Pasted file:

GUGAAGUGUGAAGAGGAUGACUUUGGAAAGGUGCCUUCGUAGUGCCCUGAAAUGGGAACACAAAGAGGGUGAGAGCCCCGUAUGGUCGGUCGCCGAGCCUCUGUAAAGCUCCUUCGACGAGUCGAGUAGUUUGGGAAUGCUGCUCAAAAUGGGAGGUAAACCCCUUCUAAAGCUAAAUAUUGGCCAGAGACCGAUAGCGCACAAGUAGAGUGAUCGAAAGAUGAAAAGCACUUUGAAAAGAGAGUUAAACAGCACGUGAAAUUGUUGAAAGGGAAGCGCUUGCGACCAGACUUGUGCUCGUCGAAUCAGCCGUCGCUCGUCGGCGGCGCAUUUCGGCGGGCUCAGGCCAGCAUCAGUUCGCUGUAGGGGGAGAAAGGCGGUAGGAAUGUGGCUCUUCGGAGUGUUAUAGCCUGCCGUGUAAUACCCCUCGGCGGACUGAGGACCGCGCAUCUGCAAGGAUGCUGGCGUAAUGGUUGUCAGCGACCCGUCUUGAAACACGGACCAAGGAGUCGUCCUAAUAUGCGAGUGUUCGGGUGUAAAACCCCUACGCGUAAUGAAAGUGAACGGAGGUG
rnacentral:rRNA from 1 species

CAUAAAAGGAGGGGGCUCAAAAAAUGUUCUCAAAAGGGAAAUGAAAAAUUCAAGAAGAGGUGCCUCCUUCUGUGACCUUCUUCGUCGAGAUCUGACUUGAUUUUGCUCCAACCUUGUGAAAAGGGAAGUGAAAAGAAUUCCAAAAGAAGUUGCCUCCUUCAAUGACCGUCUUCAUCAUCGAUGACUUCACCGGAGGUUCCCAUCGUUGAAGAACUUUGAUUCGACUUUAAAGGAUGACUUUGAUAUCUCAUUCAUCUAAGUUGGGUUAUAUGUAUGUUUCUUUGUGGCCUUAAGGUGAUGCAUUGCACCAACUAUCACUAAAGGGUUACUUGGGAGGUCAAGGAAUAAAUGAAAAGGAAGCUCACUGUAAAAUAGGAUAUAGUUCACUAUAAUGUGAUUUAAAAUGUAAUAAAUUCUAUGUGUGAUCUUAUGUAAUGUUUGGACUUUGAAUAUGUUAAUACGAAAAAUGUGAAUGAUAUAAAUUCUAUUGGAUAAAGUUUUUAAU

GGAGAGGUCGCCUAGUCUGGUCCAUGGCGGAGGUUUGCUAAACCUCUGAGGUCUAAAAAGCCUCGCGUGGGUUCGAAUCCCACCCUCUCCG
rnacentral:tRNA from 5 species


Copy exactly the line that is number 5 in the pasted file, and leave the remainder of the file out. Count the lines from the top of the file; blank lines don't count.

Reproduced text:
rnacentral:tRNA from 5 species